In fact, my interest in Turin had been piqued when I discovered that it was the first World Design Capital, back in 2008. It’s easy to explore, supports creative industries, and you’re spoilt for choice whether you love music, theatre, art or architecture.

Exploring is hungry work.  Fortunately we discovered apericena a value-for money evening bar buffet. The name derives from aperitivi (snacks like olives or nuts) and cena (dinner). For €10 (around R170) you can order a drink and pile your plate.

The food market surpassed Mattia’s description ‒ great slabs of parmesan, mounds of vegetables, breads and seafood. Our neighbourhood also had many Middle Eastern, North African and Asian residents, and we particularly enjoyed a meal at a tiny Syrian family restaurant.

It was difficult to tear ourselves away from Turin, until we met an Italian contact in a literary club hung with oil paintings.  While sipping Aperol spritzers, we learnt that the nearby town of Asti was holding its annual festival and horse race the very next day.

We caught a train to this mediaeval town and found the narrow streets criss-crossed with flags of the competing districts. Following a procession of young girls and boys in costume, we found ourselves in a church decorated with sunflowers and glossy red anthuriums.  After the service the priest blessed a huge white horse that was to lead their procession.

We gazed open-mouthed as performers tossed their flags high in the air. But as the people paraded through the streets, it was the exquisite costumes and attention to detail that blew us away. One group was accompanied by elegant greyhounds; in another, exquisitely-profiled women balanced falcons and sparrowhawks on their leather-gloved hands.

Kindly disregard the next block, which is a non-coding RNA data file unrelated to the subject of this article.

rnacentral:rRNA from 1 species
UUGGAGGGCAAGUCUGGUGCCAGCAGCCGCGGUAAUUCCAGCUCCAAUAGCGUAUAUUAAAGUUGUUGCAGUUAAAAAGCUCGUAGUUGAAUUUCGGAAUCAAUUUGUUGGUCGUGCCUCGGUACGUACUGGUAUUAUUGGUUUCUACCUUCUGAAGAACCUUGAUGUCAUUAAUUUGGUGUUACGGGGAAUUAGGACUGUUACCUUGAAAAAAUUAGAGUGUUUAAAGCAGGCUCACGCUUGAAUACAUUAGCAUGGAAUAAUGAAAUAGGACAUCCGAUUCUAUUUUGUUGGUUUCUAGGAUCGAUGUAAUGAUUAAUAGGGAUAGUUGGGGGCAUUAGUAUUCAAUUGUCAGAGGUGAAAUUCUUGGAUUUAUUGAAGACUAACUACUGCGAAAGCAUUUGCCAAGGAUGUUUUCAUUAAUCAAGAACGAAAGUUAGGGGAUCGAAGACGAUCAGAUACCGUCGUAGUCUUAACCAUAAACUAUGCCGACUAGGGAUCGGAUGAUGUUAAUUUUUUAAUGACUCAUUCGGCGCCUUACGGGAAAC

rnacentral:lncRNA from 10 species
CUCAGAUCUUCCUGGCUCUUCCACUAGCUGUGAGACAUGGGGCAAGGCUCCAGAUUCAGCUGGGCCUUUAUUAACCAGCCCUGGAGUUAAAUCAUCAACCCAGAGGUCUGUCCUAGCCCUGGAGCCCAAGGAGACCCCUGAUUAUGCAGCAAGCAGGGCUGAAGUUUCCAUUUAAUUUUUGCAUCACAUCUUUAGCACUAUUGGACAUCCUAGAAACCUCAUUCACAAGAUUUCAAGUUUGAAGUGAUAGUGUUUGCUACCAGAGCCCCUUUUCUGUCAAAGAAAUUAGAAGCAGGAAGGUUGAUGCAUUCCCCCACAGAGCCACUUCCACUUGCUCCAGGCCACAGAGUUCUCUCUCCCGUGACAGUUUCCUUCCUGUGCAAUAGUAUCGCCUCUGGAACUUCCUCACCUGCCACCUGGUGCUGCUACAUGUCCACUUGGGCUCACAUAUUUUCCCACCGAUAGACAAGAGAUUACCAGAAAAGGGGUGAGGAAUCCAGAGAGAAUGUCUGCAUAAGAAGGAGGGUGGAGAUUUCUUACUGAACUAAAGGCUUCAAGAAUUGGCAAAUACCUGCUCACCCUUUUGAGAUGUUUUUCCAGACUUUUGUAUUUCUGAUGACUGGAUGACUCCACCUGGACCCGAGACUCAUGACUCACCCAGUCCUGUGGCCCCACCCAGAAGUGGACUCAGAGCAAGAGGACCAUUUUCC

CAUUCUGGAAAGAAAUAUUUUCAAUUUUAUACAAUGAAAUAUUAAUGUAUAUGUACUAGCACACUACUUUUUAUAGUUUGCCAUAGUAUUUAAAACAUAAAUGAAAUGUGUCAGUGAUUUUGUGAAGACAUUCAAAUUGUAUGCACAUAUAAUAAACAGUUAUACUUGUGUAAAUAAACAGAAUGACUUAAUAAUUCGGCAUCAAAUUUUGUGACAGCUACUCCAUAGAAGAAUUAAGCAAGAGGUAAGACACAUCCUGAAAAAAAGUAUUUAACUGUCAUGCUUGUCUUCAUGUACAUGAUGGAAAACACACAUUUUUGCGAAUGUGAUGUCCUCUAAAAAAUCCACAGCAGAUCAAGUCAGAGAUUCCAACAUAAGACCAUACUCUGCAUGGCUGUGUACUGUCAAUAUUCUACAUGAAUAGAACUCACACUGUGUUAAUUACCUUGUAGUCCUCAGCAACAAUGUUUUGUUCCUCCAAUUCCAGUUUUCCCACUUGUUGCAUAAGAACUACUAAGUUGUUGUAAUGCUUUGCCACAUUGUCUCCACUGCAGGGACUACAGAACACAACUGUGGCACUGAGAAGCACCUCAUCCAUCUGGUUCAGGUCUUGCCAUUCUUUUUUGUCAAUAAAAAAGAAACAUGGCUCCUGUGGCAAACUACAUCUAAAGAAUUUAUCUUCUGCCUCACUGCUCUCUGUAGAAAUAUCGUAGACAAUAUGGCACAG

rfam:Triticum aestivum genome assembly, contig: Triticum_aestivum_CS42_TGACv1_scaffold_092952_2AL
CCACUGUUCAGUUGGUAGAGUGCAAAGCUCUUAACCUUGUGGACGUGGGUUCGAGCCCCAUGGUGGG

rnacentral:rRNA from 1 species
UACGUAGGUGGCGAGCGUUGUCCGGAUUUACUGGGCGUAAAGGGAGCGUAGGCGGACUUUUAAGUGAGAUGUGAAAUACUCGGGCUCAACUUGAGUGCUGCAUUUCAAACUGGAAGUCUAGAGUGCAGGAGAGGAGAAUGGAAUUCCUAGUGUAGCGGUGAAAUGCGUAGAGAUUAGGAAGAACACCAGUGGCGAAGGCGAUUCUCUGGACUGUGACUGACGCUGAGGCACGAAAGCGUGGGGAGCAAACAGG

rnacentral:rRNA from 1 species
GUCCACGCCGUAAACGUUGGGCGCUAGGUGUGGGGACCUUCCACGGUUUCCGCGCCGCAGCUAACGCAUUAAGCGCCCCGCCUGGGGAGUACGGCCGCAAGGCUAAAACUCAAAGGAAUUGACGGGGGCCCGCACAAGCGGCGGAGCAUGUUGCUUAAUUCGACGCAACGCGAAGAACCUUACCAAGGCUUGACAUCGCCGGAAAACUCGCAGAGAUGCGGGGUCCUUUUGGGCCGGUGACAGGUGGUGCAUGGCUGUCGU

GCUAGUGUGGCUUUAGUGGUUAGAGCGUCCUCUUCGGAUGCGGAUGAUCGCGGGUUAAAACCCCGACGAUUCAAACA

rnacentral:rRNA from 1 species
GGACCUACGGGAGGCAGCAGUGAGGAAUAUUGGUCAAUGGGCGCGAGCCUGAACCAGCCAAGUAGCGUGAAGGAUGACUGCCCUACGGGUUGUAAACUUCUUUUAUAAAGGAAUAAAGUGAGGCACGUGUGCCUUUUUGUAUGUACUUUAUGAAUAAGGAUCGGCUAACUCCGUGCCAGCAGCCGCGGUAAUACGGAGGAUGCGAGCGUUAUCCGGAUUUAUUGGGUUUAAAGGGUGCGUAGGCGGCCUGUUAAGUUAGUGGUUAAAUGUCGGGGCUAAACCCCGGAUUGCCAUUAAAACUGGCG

Later we perched in the stands surrounding Piazza Alfieri, transformed with sawdust into a gladiatorial racetrack with the honour of the various districts at stake. We couldn’t help giggling at the starting official’s running commentary as he struggled to get seven  horses lined up for the first three  heats.

Next we based ourselves in the nearby wine centre of Alba, although my erratic driving – manual car, right hand side of the road, roadworks – ensured we nearly didn’t make it.

We’d start the day at a coffee shop, then wind up hairpin bends past family-owned vineyards, fields of hazel trees and dense woods. The area is a Unesco world heritage site, and in towns like Barolo we looked out on ancient terracotta roofs, peered into little churches, and sampled the products from specialist wine and food shops ‒ although I skipped the famous Bra sausage, served raw with lemon juice.

On our final evening, back in Turin, I visited the oldest Egyptian museum in the world. Renovated and doubled in size in 2015, it houses more than 40 000 artefacts.  The statues embodied so much power that the hair on my arms rose as I entered the Gallery of the Kings, where colossal statues circled a vast hall clad with black mirrors.

After my trip, I read a description of Turin in an old Wall Street Journal. The city was described as “elegant, respectable… (but) behind that austere façade there is an irrepressible vitality, a pulsating creative and sparkling heart.” I couldn’t agree more. Do visit it!